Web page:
Dr Anino Emuwa | 40 Outstanding Global Women 2023
Making progress through impact-driven networks, connection & collaboration
Dr Anino Emuwa is a world-renowned advocate for better gender balance in leadership globally. She convenes impact-driven, change-making communities of women CEOs and founders, including 100 Women@Davos and the Africa Women CEOs Network. She is also managing director of strategy and financial advisory firm, Avandis Consulting.
“We know the talent is obviously equally distributed between men and women. And not having sufficient representation means that we’re losing out on dealing with the challenges and problem solving.”
Dr Anino Emuwa is Founder of ‘100 Women @ Davos’ and this years keynote speaker at our Inspiring Global Women For Growth Event 2023
Working in an international context and gaining international experience throughout their career is now of vital importance for women leaders. It is also critical for de-risking enterprises around the world as we shift to a more ESG-driven business model.
Economist, former banker, and holder of multiple governance positions in divers organisations from higher education, business and advocacy bodies, including the Institute of Directors (IoD), Dr Anino Emuwa is collaborating leading and inspiring others in this critical space and making change happen.
Dr Anino Emuwa is also a global business leader, honing her thinking and practice through leading universities, one of which-Nottingham Trent University-she is now serving as a governing board member alongside her other roles, including action advisory board member of the Reykjavik Global Community-Women Leaders.
Born in Nigeria, she has lived in six countries and is bilingual in English and French. Dr Emuwa completed her Doctorate in Business Administration at Nottingham Business School. She holds an MBA from Cranfield School of Management. She also holds a BSc Economics from the London School of Economics, is a Fellow of the Chartered Management Institute and a member of the Institute of Directors.
Campaigning and influencing
This impressive academic CV coupled with her successful career in the finance and corporate world underpin Dr Emuwa’s current work around improving female representation. “We are at a time where we are facing a global crisis,” said Dr Emuwa in a recent interview with France24, “In face, economists will call in permacrisis. And this is a time where we need to have all the talent abroad in order to help solve problems, particularly in leadership.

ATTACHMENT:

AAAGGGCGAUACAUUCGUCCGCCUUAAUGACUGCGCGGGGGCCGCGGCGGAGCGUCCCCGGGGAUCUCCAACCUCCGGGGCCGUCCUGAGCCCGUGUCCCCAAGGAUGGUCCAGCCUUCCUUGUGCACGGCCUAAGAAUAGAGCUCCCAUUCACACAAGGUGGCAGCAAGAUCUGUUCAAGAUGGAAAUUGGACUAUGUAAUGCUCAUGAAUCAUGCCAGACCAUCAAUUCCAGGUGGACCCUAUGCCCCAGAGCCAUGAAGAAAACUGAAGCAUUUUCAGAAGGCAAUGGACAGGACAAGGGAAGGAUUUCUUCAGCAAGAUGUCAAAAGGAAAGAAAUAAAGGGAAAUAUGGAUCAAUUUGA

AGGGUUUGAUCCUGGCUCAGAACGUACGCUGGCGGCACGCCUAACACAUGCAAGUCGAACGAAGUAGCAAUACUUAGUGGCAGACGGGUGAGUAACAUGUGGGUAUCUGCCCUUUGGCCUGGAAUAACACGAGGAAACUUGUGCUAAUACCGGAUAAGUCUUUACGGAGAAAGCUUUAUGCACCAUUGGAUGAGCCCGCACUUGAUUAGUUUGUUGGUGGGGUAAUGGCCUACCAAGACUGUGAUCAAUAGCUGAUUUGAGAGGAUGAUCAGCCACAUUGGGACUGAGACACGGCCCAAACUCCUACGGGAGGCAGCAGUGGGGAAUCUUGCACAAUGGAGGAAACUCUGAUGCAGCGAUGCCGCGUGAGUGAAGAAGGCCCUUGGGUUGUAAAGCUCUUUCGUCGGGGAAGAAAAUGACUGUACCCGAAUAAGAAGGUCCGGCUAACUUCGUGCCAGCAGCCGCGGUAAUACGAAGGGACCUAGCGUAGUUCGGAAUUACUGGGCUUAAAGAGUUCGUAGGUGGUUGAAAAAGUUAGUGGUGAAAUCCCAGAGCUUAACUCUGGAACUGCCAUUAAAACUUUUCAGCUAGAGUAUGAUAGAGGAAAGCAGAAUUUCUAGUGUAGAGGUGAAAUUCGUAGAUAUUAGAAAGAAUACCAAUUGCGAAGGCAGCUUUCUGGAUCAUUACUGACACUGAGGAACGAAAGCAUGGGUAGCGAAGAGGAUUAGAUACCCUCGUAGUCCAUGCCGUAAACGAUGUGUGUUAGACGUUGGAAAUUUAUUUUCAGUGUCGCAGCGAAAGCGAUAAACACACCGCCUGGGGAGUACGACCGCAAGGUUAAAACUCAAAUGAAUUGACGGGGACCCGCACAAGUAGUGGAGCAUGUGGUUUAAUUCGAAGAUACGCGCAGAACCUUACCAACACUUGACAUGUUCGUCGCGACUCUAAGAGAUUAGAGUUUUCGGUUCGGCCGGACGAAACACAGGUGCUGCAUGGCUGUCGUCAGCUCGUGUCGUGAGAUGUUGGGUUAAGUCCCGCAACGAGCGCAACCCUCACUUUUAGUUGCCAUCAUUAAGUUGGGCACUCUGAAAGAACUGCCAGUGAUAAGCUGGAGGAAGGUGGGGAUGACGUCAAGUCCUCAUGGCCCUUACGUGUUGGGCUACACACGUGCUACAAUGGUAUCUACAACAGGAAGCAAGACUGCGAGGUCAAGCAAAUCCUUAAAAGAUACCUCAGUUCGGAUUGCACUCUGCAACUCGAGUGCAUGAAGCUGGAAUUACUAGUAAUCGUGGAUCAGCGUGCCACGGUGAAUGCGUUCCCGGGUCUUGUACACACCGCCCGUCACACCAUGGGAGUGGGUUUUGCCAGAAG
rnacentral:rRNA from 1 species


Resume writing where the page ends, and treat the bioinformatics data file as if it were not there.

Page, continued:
“We’re coming out of Covid and haven’t sorted out its’ effect yet. We’ve been dealing with the fallout from Afghanistan, also from Ukraine and global recession.
There are so many challenges that are facing the world right now. We need to have the best talent on board.”
A key aspect of Dr. Emuwa’s work today is championing change and building a global network of men and women engaged in making a positive impact and changing mindsets around what is possible. One of these networks is 100 Women@Davos.
“As a student of economics many years ago, I’d always heard about the World Economic Forum and I never imagined I would be invited to attend,” explained Dr Emuwa. “But I did attend. And what I found in this conference centre with 2,500 people was that it was mainly men and not very many women. It was when another woman came up to me to speak to me and then you know there was a third.”
“We know the talent is obviously equally distributed between men and women. And not having sufficient representations means that we’re losing out on dealing with the challenges and problem solving.”
Normalising women in global leadership
As Dr Emuwa’s articulates and explores in the previous article, ‘Blueprint for a new, more inclusive workplace’, unconscious bias remains an ongoing challenge. This is why every story told in this celebration of outstanding women, leading internationally is so important- and why connecting and collaborating to support systemic change is viral.
“What we see with the data, it tells us that actually the perception of women as leaders is not very positive,” said Dr Emuwa in her France24 intervew. “In fact, the trend is downwards. So, we need to spotlight more women so that we normalise the fact that there are women as leaders in finance, in economics, in all fields and that it’s normal.
“The second thing we need to do is to make sure that we bring them together. We find that when you have the power of community, when you have more women together, people get attuned and aligned to this because without realising it, both men and women are biased because we are used to seeing power as being [in hands of] men. So, we need to normalise the image.”
Supporting each other is also fundamental to bringing about change and absolutely what Dr Emuwa embodies as a leader. “We need to have access to the decisions that are being made behind closed doors. We need to get women into those rooms. We also need to get them into the informal networks, which is very often where contacts and appointments are made at senior level. It’s not about filing the application: it’s about the people who know you.
“What we’re doing is trying to create a workplace that is more attuned to women.”